You would think that since America doesn’t have a nobility, the historical use of titles would be very straightforward, but there are a few interesting uses that we don’t have anymore:
Goody/Goodwife and Goodman
If you’ve ever read The Crucible or other books based in Puritan America, you’ve probably come across the term Goodwife and its abbreviation Goody and have perhaps seen the term Goodman. Obviously these terms came with the colonists from England but seem to have been used mostly by the Puritans in New England. To an extent the term denoted church membership, as those who belonged to the church were “good.” They seem to have been titles denoting a slightly lesser social status than those addressed Master and Mistress, but still with some social standing in the community. The term fell out of use in the early 1700s.
Mistress and Master
Early forms of address for people of the middle and upper (but not noble) classes, precursors to Mister and Mrs. Mistress was used for both married and unmarried women. They fell out of use sometime in the 1700s as the democratization of language preferred Mister and Mrs. (which is still short for Mistress, but obviously pronounced Missus) or Miss for all people.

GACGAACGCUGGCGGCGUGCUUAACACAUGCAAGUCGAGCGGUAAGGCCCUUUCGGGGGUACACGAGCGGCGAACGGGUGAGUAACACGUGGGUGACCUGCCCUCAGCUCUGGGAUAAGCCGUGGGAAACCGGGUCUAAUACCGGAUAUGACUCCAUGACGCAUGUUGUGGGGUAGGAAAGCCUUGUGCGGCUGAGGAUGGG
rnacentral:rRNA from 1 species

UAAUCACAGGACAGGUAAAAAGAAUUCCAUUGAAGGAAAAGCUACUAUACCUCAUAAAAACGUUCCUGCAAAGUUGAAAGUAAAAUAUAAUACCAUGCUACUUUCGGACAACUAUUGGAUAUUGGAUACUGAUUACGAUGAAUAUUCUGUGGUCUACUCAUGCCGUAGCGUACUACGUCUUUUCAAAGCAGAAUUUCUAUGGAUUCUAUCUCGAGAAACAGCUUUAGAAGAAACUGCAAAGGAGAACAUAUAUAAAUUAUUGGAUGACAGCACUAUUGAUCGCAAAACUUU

For a while, Mrs. was used as term of respect for women even if they weren’t married- such as calling the cook and housekeeper Mrs. Lastname to denote their rank even if they weren’t married. Miss also was derived from Mistress. An interesting historical fact about the use of the word Miss was that in a family, the eldest daughter would have use of the title Miss LastName and her younger sisters would be called Miss FirstName until the eldest married and the next was bumped up. The use of the term Master for the minor, male children of a house survived well into the 20th century.
During the period immediately following the Revolution, Americans were trying to figure out what they would call each other. Many advocated for a no-frills approach and an ending of most earlier courtesy titles. One wish was to change female titles to eliminate a distinction between married and unmarried women. For those who think the term Ms. originated in the 20th century, it has actually existed as the abbreviation for Mistress as long as Mrs. and Miss have been around.
France has gotten rid of Mademoiselle, and I’d really like to see the US do the same. No Ms or Mrs., but just Ms.
I had not heard that! That’s really cool and definitely something Americans should consider. I wonder how well people have adapted to it in casual conversation?